R&B has come back to Denver. Full Blown!

One might say that Denverite Skip Reeves had more than just a hand in the genre’s second coming.

“Being in Denver, you might remember the R&B music scene was virtually dead in town,” Reeves says. “Especially in the mid-2000s, it was just dead.”

Reeves, a former drummer for old school artists such as the Drifters, Platters, Marvelettes, Buddy Miles, and Mitch Ryder and the Detroit Wheels, had an idea in the mid-90s to launch an unconventional R&B radio station in the Mile-High City.

While traveling to gigs, Reeves would listen to R&B radio stations, and listen hard.

“I started getting bored quickly with the radio stations,” he says. “It didn’t matter what city I went to, I basically heard the same old songs, same old format and same old personalities trying to sound like they were cool. I really got tired of it.”

Reeves’ epiphany came in 1996 while traveling with the band Sundance and the Music and Blues, the rhythm section for the Marvelettes at that time. While driving from Denver to Las Vegas, Reeves as usual was listening to the radio thinking “here we go with this old radio stuff” but thought if he could ever do his own show, his playlist would expand three or five cuts deep into the releases, and stay away from the hits.

“I’m going to play the cuts that everyone knows on the album, but you never hear on the radio,” he thought. “And I’m also going to add independent artists who never get an opportunity for airplay on a major radio network.”

However, Reeves plans took a slight detour, as he ended up doing a community television children’s show called “Big Mouth and Knucklehead,” which admittedly had a pretty good run for several years.

“I love to read,” Reeves says, “So we promoted literacy through our television show. When the television show ran out, somebody suggested I take our show over to Radio Disney.”

The Disney gig lasted about a year as Radio Disney fell by the wayside. However, Disney afforded Reeves the opportunity to see what goes on behind the scene in radio – and he liked it.

So Reeves shopped his idea around to several local radio stations, who listened to his pitch. But with dusty memories of KDKO, Denver’s premiere soul radio station to rely on, they didn’t think R&B would sell again in Denver. In September 2005, close Charles Dotson asked Reeves if he listened to jazz on KUVO 89.3.

“I said, ‘No, I’m not a huge fan of old jazz,’” Reeves says. Dotson told him on they are doing specialty shows on weekends and he should talk to them about his idea of doing a show.

“I emailed the music director asking to meet with him,” Reeves says. “I explained the format to him in detail, and he said, ‘Oh man that will work. But you have to get the support of the program director.’”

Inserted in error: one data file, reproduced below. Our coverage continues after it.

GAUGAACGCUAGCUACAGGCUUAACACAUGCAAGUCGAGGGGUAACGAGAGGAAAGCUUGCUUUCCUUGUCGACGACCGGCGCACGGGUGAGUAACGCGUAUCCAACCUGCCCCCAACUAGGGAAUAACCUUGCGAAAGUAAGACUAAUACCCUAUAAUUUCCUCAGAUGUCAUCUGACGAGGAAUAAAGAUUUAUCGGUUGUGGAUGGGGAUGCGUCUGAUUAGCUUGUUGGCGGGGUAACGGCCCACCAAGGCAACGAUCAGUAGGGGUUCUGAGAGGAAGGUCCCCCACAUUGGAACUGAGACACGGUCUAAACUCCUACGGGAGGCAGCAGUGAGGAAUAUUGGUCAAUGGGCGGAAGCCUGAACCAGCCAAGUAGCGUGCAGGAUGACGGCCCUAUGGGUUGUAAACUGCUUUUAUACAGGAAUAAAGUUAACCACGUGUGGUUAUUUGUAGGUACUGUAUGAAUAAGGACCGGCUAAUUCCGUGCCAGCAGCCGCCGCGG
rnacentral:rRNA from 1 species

KUVO’s program director and the general manager were in agreement that the show would work.

“In November 2005, KUVO agreed to give me a show called A Funk Above The Rest,” with a slot time from 11 p.m. to 1 a.m. on Saturday night,” Reeves says.

He was told that it might take awhile to build up an audience, because his target listeners are probably in clubs or chilling somewhere. However, within a matter of months, A Funk Above The Rest gained momentum.

Three weeks after launching the show, a friend told Skip that he was single-handedly getting ready to reintroduce R&B back into the Denver market.


“I said ‘I’m just trying to play music I want to hear and music I know other people want to hear,’” Reeves replied. “There was a huge void of R&B and funk music in the air waves in this town.”

“Once I started doing the radio show,” Reeves says, “I then started doing A Funk Above The Rest at Jazz@Jacks every Tuesday. Then I started reaching out to independent artists all over the world to play their music and do interviews on my radio show.”

In 2009, Reeves brought the R&B group Slave to Jazz@Jacks. Feeling the vibe, Reeves asked larger music and concert venues to partner up with him to bring old school R&B bands to Denver, but was told there is no money in R&B.

“So I hooked up with various other people, sought investors and started bringing shows to town,” he says. Reeves brought in Cameo and other R&B bands, but says his crowning achievement for he and his friend Cedric Pride was bringing Frankie Beverly to the Mile-High City.

A lot of promoters tried to bring Frankie Beverly and couldn’t get it done,” Reeves says. With the success of Jazz@Jacks, Frankie Beverly and A Funk Above The Rest, Reeves started syndicating his show on internet radio in 2008. He then approached other internet stations. Friends and associates told Reeves he was wasting his time on internet.

“Well, look where it is now,” he says. “There are internet stations now that have more listeners, than terrestrial stations. Currently, I have my show on 40 stations between terrestrial and digital. I’m heard all the way around the world.”

Today, A Funk Above The Rest can be heard on public radio KGNU and digital radio KZKO. And if you miss his live show, listeners can download podcast.

Reeves says one of the things that helped his station grow, was he played music by independent artists. “You play Earth, Wind and Fire, The Commodores and then you play an independent artist, then James Brown and Stylistics and then they, the independents, would promote me on their websites.

This month Reeves is celebrating the 10th anniversary of A Funk Above The Rest on August 20 with a concert at the Adams County Fair Grounds featuring The Whispers, The Dazz Band, Slave, Regina Belle and other old school artists.

“Adams County Fair Grounds want me to do this every year,” he says. “They have already reserved a date for next year. Now I’ll be able to get some major companies to sponsor it.”

Reeves admits that he’s had help and support along the way.

“People told me that it wouldn’t work, but I always knew in my heart that it would.”